If you’re just starting to learn calligraphy and you’re right-handed, then you may have heard that an oblique calligraphy pen can make life easier. That is completely true! The idea behind oblique pens is slant correction. An oblique calligraphy pen really helps you as a right-handed person to match your nib’s angle to the calligraphy slant that you want to achieve.
That said, it can be confusing to figure out which oblique pen to buy when you’re first starting out. If you’re anything like me, you probably defaulted to a $2.00-ish plastic-flanged oblique holder. (The word “flange” refers to the protruding part of the pen on the left.) In today’s blog post, I want to discuss five reasons to ditch that holder and pursue the brass-flanged holder of your dreams! Here are a few things to consider:
1. Pen Angle
The most common question I receive — both via email and in workshops — is “Why is my nib catching on the paper?”. Nine times out of ten, the issue is pen angle. If you’re holding the pen too upright, then the nib comes at the paper from an aggressively vertical angle and digs in to the paper fibers.
Now, the nice thing about brass-flanged oblique pens is they correct that vertical angle. While the pen is straight, the flange tilts the nib up, forcing you to come at the paper with a gentler angle. You can even adjust the flange with pliers to increase that angle, if need be!
In contrast, plastic oblique calligraphy pens have a flange that stays in line with the pen. That really doesn’t help as far as softening your angle goes. In fact, if you have trouble with nibs catching on the paper when you’re using regular straight calligraphy pens, you’ll probably experience the same issue with a plastic-flanged oblique.
2. Nib Position
When you insert a nib into an oblique calligraphy pen, the tip of the nib should touch an imaginary line running through the middle of the pen. In the photo below, you can see that the Nikko G nib has been pushed in far enough to accommodate that rule.
Unless your nib is very short, plastic-flanged oblique pens cannot fulfill this requirement. Most of the time, the nib extends well past the center line of the pen.
Thinking about nib position brings me to the third benefit of using a brass-flanged oblique pen: control when writing.
In the photo above, you can see that my fingers are quite close to the tip of the nib. The flange provides a comfortable place for me to rest my thumb. Having your fingers (and thumb) so close to everything ensures acute pressure control so you can achieve nice, thick downstrokes and thin upstrokes. In contrast, your fingers are forced to be quite far from the tip of the nib when you’re using a plastic-flanged oblique pen.
You don’t get quite as much nib control with a plastic-flanged oblique calligraphy pen. Sure, you can achieve some stroke contrast, but not as much as you can with a brass-flanged oblique calligraphy pen!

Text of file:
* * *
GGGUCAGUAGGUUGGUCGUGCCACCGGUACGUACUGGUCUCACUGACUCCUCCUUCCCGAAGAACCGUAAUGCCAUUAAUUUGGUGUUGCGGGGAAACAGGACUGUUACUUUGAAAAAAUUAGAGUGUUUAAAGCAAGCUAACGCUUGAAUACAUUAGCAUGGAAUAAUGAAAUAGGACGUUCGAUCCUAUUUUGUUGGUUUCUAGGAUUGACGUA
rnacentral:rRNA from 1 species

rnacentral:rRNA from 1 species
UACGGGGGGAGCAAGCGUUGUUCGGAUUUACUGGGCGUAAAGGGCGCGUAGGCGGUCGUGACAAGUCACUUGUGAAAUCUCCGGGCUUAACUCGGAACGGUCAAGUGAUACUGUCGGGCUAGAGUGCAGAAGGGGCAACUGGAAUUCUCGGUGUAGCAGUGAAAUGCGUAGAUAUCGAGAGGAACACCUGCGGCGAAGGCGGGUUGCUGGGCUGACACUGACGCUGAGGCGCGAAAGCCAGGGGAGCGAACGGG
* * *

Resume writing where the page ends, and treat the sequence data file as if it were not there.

4. Adjustment Potential
Most brass-flanged oblique pens can easily be adjusted with pliers. If you find — for example — that the pen holds the nib at too severe of an angle, then you can play around to lessen the angle. The pen is more or less customizable! You can find out how to adjust your brass-flanged oblique pen by watching the videos in the How to Adjust an Oblique Pen Holder blog post.
As you can probably imagine, there’s no adjustment potential with a plastic-flanged oblique calligraphy pen. If you go near it with a pair of pliers, it will crack.
5. Comfort + Approachability
Writing comfort is the main reason that I encourage you to invest in a brass-flanged oblique calligraphy pen. If you try a brass-flanged oblique versus a plastic-flanged oblique, you’ll notice a night-and-day difference. All of a sudden, your fingers have a comfortable place to rest as they write. Furthermore, your posture will be better because you’re not trying to accommodate the quirks (upright angle, protruding nib) of the plastic-flanged oblique.
I will never forget a conversation I had with Tona of The Paper Seahorse after teaching a workshop there last year. She explained that she had taken a calligraphy workshop before, and had used a plastic-flanged oblique at that workshop. “Honestly, after that, I thought I just probably wasn’t cut out for calligraphy,” she explained. Then, she tried the brass-flanged oblique at my workshop, and she said the difference was unbelievable. “I actually feel like I can write calligraphy with this pen!” she exclaimed.
Listen, I know that most oblique calligraphy pens look intimidating. Just give yourself some time to learn how to use them, and your oblique pen will become your go-to tool! You can learn how to use an oblique pen in the Beginner’s Modern Calligraphy Online Course.
Where to Purchase Brass-Flanged Oblique Pens
If you’re sold on a brass-flanged oblique pen, I would recommend starting with a hand-turned wooden pen. They’re around $15.00, and worth every penny! These are the pens that I provide to participants in my beginner calligraphy workshops.
If you’re interested in a different oblique pen (or a pen that’s fit for a different nib), check out the A Guide to Oblique Calligraphy Pens post. In it, you’ll find more information about oblique pens plus three suggestions for nice brass-flanged oblique pens to buy!
If you are not in a position to acquire a brass-flanged oblique pen, don’t worry. A brass flange isn’t essential for calligraphy success! Some people prefer using regular straight calligraphy pens, while others make the plastic flange work for them. The last thing I want to do is convince you not to continue to learn if you can’t obtain a pen. Sure, good calligraphy tools are important, but practice is more important.
Of course, if you have any questions, I am happy to answer! Input about your own experience is also very much appreciated. I hope that you enjoyed this post, and would like to thank you for reading TPK!